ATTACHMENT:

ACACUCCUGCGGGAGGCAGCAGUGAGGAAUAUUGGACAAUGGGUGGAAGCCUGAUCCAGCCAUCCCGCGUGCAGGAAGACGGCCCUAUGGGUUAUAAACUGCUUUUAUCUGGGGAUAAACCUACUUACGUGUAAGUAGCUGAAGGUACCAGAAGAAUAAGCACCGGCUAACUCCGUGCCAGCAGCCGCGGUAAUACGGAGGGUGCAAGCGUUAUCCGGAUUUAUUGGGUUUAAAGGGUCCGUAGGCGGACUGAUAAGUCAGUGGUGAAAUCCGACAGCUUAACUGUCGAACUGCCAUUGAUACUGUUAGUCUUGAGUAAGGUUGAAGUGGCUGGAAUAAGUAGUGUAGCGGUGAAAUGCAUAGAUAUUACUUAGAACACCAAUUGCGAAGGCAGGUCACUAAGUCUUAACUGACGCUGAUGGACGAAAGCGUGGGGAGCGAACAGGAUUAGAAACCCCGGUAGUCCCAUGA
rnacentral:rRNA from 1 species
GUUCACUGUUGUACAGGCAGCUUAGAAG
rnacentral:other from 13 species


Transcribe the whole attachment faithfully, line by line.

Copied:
ACACUCCUGCGGGAGGCAGCAGUGAGGAAUAUUGGACAAUGGGUGGAAGCCUGAUCCAGCCAUCCCGCGUGCAGGAAGACGGCCCUAUGGGUUAUAAACUGCUUUUAUCUGGGGAUAAACCUACUUACGUGUAAGUAGCUGAAGGUACCAGAAGAAUAAGCACCGGCUAACUCCGUGCCAGCAGCCGCGGUAAUACGGAGGGUGCAAGCGUUAUCCGGAUUUAUUGGGUUUAAAGGGUCCGUAGGCGGACUGAUAAGUCAGUGGUGAAAUCCGACAGCUUAACUGUCGAACUGCCAUUGAUACUGUUAGUCUUGAGUAAGGUUGAAGUGGCUGGAAUAAGUAGUGUAGCGGUGAAAUGCAUAGAUAUUACUUAGAACACCAAUUGCGAAGGCAGGUCACUAAGUCUUAACUGACGCUGAUGGACGAAAGCGUGGGGAGCGAACAGGAUUAGAAACCCCGGUAGUCCCAUGA
rnacentral:rRNA from 1 species
GUUCACUGUUGUACAGGCAGCUUAGAAG
rnacentral:other from 13 species